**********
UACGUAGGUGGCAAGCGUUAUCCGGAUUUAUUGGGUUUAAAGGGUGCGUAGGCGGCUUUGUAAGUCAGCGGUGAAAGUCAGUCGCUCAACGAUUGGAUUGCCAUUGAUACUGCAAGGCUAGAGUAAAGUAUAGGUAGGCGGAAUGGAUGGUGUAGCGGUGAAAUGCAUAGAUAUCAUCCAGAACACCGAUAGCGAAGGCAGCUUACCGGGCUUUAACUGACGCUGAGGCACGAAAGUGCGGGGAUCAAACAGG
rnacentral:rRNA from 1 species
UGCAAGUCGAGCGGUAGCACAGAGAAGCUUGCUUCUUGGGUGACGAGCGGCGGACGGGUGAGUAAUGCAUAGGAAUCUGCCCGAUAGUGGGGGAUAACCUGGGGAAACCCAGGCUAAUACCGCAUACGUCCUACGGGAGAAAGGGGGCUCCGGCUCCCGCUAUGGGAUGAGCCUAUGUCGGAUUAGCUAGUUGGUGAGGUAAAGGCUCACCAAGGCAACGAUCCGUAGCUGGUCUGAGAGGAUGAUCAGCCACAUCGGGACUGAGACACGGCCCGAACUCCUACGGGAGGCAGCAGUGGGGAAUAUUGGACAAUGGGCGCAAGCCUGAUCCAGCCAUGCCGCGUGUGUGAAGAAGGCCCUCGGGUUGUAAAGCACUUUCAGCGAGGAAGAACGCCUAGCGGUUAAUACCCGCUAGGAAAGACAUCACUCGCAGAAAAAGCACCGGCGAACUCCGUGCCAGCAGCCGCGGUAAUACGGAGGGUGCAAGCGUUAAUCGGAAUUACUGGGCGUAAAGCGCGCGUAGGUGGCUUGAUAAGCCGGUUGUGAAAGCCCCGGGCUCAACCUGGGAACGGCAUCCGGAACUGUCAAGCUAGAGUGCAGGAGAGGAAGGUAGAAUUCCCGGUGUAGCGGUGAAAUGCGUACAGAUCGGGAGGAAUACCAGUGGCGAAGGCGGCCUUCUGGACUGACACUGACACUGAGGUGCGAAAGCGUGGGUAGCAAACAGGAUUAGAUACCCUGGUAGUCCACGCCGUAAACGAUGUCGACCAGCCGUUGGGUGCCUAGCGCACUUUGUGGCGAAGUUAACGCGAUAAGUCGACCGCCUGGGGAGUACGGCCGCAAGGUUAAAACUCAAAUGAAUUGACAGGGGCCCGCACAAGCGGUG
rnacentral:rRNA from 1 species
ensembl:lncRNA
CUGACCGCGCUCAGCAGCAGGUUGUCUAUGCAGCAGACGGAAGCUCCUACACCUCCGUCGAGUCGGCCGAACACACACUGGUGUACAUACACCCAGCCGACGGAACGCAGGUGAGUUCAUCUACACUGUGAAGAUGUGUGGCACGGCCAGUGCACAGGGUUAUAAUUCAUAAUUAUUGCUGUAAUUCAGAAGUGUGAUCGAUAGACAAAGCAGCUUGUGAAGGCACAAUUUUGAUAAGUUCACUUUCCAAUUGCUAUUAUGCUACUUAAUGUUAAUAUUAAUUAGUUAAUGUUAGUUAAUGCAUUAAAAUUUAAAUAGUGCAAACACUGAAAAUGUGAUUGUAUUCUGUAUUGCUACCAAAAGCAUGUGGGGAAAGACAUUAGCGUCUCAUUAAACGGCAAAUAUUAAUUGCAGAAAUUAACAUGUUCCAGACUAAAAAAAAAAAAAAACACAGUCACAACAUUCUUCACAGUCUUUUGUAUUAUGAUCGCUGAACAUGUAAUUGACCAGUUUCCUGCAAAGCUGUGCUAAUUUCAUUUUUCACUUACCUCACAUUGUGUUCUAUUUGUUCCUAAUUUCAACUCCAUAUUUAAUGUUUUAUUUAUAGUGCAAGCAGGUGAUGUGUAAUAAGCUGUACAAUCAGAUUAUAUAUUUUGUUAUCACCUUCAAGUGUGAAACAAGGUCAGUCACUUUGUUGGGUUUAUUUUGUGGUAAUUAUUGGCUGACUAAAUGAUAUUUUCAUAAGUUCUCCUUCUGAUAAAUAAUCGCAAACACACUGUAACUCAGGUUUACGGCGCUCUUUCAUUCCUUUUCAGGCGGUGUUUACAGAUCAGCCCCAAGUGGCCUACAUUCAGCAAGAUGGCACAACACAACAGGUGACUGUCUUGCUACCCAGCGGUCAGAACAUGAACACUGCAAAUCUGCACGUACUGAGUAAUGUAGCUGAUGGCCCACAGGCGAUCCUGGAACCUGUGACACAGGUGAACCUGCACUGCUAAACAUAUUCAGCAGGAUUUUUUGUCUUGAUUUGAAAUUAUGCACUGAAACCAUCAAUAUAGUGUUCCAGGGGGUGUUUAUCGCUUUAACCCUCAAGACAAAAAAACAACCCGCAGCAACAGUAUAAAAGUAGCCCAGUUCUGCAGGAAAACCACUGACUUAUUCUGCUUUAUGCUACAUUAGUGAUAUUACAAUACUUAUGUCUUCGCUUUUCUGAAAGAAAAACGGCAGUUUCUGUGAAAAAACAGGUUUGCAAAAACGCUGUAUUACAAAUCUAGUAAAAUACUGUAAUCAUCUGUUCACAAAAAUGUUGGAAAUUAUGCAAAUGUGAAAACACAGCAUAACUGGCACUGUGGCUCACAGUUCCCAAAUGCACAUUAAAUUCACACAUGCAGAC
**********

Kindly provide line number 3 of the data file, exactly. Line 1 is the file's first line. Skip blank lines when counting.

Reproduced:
UGCAAGUCGAGCGGUAGCACAGAGAAGCUUGCUUCUUGGGUGACGAGCGGCGGACGGGUGAGUAAUGCAUAGGAAUCUGCCCGAUAGUGGGGGAUAACCUGGGGAAACCCAGGCUAAUACCGCAUACGUCCUACGGGAGAAAGGGGGCUCCGGCUCCCGCUAUGGGAUGAGCCUAUGUCGGAUUAGCUAGUUGGUGAGGUAAAGGCUCACCAAGGCAACGAUCCGUAGCUGGUCUGAGAGGAUGAUCAGCCACAUCGGGACUGAGACACGGCCCGAACUCCUACGGGAGGCAGCAGUGGGGAAUAUUGGACAAUGGGCGCAAGCCUGAUCCAGCCAUGCCGCGUGUGUGAAGAAGGCCCUCGGGUUGUAAAGCACUUUCAGCGAGGAAGAACGCCUAGCGGUUAAUACCCGCUAGGAAAGACAUCACUCGCAGAAAAAGCACCGGCGAACUCCGUGCCAGCAGCCGCGGUAAUACGGAGGGUGCAAGCGUUAAUCGGAAUUACUGGGCGUAAAGCGCGCGUAGGUGGCUUGAUAAGCCGGUUGUGAAAGCCCCGGGCUCAACCUGGGAACGGCAUCCGGAACUGUCAAGCUAGAGUGCAGGAGAGGAAGGUAGAAUUCCCGGUGUAGCGGUGAAAUGCGUACAGAUCGGGAGGAAUACCAGUGGCGAAGGCGGCCUUCUGGACUGACACUGACACUGAGGUGCGAAAGCGUGGGUAGCAAACAGGAUUAGAUACCCUGGUAGUCCACGCCGUAAACGAUGUCGACCAGCCGUUGGGUGCCUAGCGCACUUUGUGGCGAAGUUAACGCGAUAAGUCGACCGCCUGGGGAGUACGGCCGCAAGGUUAAAACUCAAAUGAAUUGACAGGGGCCCGCACAAGCGGUG